“Fuck, how is he still alive?” I said. The screams still haunt me.
“Vic, I… We… We can’t… This can’t go on.” Leo stammered.
“Leo, there’s something very wrong. This is a setup, I can feel it.”
I considered running in there, a shadow shot out from my body. When shadow-me got two feet from Andrew’s decimated body it’s head exploded, and it fell over sideways.
“There’s a sniper somewhere.” I whispered into the mic.
“Sir, M1 is breaching the houses to the south. Marshall and John are heading around to the north. We’ll find it.”
I tried to speak quietly using my subspace voice, focused entirely on John’s aura in my mind, attempting to speak only to him. “John, there’s a sniper that’s got us pinned here. I can’t see him. We can’t move. Find him and take it out.”
“Leo, did you hear me just then?”
“I didn’t hear a thing.”
“Yes, I was trying to talk directly to John. I hope he heard me.”
Andrew kept screaming. This girl was definitely being controlled by something, I’ve only seen a few zombie attacks like this one, mostly on that first day, but those zombies were ravenous, they bit and ate whatever parts came near their mouths. These bites are being chosen to inflict the maximum pain without killing the victim. The zombie girl moved upwards, leaving a trail of his guts lying on the grass. She sat on his chest and took a bite of Andrew’s face, ripping his nose off. Fresh blood spattered the ghoul’s face, as she sat up and slowly chewed, looking directly at us. Andrew’s screams became wet, gurgling moans of pain. He was writhing under her, but her knees held his arms pinned securely.
The rancid corpse turned around and put her ass on Andrews face as she reached into his belly and pulled out a rope of thick slimy guts. I’d swear she looked directly at me and smiled before she bit his intestine in half. Stinking bile, so strong we could smell it from our spot hiding under a bush leaked out of the intestine, down her chin, dripping into the man’s stomach cavity.
Andrew’s moans became quieter, muffled when the zombie sat down on his face, smothering his anguished cries. Almost all of the undead we’d encountered had shit themselves, and of course they’d never bothered to clean up the natural release at death. At least Andrew had no nose with which to smell the 6 month old rotting feces covered ass that was smothering him to death while the zombie ate his guts. Finally the muffled moaning stopped completely.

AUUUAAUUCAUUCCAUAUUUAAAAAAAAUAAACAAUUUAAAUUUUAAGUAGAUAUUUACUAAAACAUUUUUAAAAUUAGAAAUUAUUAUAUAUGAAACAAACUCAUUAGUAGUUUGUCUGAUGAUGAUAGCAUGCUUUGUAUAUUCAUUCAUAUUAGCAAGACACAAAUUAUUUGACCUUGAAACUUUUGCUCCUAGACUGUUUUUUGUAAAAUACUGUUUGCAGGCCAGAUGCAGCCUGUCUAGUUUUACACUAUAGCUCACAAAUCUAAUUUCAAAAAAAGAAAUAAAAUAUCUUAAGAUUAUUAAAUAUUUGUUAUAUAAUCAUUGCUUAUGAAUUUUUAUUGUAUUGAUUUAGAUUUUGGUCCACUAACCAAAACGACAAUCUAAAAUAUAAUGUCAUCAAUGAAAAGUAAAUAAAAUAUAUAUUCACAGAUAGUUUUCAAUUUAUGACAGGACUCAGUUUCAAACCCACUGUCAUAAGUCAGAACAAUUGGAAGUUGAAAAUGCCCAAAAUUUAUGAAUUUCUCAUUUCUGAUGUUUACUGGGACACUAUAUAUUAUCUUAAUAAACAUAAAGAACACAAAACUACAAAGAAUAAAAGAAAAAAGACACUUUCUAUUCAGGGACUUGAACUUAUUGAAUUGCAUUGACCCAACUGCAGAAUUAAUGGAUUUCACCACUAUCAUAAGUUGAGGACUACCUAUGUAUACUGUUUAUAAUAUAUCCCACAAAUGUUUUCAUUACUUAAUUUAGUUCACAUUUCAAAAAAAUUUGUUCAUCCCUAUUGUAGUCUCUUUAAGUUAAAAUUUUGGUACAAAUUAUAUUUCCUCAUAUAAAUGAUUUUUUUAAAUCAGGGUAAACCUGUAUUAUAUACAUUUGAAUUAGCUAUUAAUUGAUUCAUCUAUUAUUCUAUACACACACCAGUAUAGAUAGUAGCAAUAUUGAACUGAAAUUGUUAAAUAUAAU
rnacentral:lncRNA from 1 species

At last, we heard a shot ring out from the south, followed by Bookbinder’s voice on the radio “Sniper terminated. All clear sir.”
I stepped around the corner of the house, sig in my hand ready to put both corpses out of their misery. When I get in sight of the bloody mess on the ground, there are no zombies to be found. No footprints in the grass, no blood trail, no nothing. Just a bloody, mashed down spot in the long grass, and a bit of intestine lying on the lawn.
“What the fuck?” I swore to myself.
Leo sobbed into my shoulder. The horror of what we just saw was too much for even the tough Spartan woman. I turned and hugged her tightly for a moment before we walked back to the jeep.
The ride home was quiet. We saw no more zombies as we sped down the highway, paying no attention to the speed limit signs we passed. It wasn’t likely we’d ever pass another car.
We spotted a herd of nine deer off to the side of the road. In the rear view mirror I saw John point his pistol out the side of the truck he was driving. As he did, I slowed the jeep. He fired two shots, and two deer dropped over sideways where the stood. The jeep bounced easily over the edge of the road and down a small bank. The rest of the crew kept going the last two miles to the house as I pulled up to the two dead deer.
“Help me load these.” I said, hopping out the driver’s side of the jeep.
Leo stepped down off the other side, and said “Poor deer, never had a chance. At least when I hunt I give them a sporting chance, I run them down.”
“Leo, these deer died to feed us. They were never afraid, they never felt anything. I’m grateful for the meat. There is no sport in you running down a buck. You can run 100 times faster than it can.” I chided.
Leo looked hurt, her face scrunched into a frown. I stepped towards her, wrapping her in my arms.
“I’m sorry darlin’. I’m a little out of sorts from watching that guy Andrew, but I couldn’t risk your life for him, he was infected by the time we saw him. I couldn’t risk you. What if that sniper had been as good at shooting as John? What if he shot you? I buried my head in her shoulder, and hugged her for a long time.
We loaded the two carcasses up on the hood of the Jeep, and headed for home. It had been a long day, I was tired, and I still had to find out how The CVS and Clinic raids went, dress and process these two deer, and find some time to be a father to my little boy, who I missed very much at that moment.